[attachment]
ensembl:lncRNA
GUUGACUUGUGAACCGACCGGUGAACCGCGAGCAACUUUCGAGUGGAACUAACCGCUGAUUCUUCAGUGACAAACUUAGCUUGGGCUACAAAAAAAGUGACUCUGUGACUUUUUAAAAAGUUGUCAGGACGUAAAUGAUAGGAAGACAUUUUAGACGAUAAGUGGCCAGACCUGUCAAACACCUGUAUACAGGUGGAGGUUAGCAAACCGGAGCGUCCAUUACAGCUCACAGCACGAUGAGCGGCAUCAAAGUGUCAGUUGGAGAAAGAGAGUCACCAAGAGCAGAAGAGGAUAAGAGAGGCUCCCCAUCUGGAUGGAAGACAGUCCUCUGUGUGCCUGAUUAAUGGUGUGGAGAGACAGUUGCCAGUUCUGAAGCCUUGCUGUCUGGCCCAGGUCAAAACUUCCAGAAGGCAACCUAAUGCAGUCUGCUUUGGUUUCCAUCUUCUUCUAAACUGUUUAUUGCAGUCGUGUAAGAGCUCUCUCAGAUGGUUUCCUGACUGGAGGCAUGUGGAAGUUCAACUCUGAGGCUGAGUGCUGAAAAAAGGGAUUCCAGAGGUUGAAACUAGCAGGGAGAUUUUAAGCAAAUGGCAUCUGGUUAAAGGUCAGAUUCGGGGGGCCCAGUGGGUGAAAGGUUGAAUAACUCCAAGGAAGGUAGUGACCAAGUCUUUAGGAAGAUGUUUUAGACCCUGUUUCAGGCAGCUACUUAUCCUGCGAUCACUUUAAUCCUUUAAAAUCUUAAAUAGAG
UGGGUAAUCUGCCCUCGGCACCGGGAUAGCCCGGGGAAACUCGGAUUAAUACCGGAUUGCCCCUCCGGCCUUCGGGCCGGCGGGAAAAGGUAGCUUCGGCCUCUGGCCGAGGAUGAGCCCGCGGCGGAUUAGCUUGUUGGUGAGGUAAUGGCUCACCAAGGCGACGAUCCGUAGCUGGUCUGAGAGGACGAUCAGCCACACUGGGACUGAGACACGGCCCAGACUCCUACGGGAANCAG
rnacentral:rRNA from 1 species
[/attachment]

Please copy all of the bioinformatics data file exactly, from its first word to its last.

ensembl:lncRNA
GUUGACUUGUGAACCGACCGGUGAACCGCGAGCAACUUUCGAGUGGAACUAACCGCUGAUUCUUCAGUGACAAACUUAGCUUGGGCUACAAAAAAAGUGACUCUGUGACUUUUUAAAAAGUUGUCAGGACGUAAAUGAUAGGAAGACAUUUUAGACGAUAAGUGGCCAGACCUGUCAAACACCUGUAUACAGGUGGAGGUUAGCAAACCGGAGCGUCCAUUACAGCUCACAGCACGAUGAGCGGCAUCAAAGUGUCAGUUGGAGAAAGAGAGUCACCAAGAGCAGAAGAGGAUAAGAGAGGCUCCCCAUCUGGAUGGAAGACAGUCCUCUGUGUGCCUGAUUAAUGGUGUGGAGAGACAGUUGCCAGUUCUGAAGCCUUGCUGUCUGGCCCAGGUCAAAACUUCCAGAAGGCAACCUAAUGCAGUCUGCUUUGGUUUCCAUCUUCUUCUAAACUGUUUAUUGCAGUCGUGUAAGAGCUCUCUCAGAUGGUUUCCUGACUGGAGGCAUGUGGAAGUUCAACUCUGAGGCUGAGUGCUGAAAAAAGGGAUUCCAGAGGUUGAAACUAGCAGGGAGAUUUUAAGCAAAUGGCAUCUGGUUAAAGGUCAGAUUCGGGGGGCCCAGUGGGUGAAAGGUUGAAUAACUCCAAGGAAGGUAGUGACCAAGUCUUUAGGAAGAUGUUUUAGACCCUGUUUCAGGCAGCUACUUAUCCUGCGAUCACUUUAAUCCUUUAAAAUCUUAAAUAGAG
UGGGUAAUCUGCCCUCGGCACCGGGAUAGCCCGGGGAAACUCGGAUUAAUACCGGAUUGCCCCUCCGGCCUUCGGGCCGGCGGGAAAAGGUAGCUUCGGCCUCUGGCCGAGGAUGAGCCCGCGGCGGAUUAGCUUGUUGGUGAGGUAAUGGCUCACCAAGGCGACGAUCCGUAGCUGGUCUGAGAGGACGAUCAGCCACACUGGGACUGAGACACGGCCCAGACUCCUACGGGAANCAG
rnacentral:rRNA from 1 species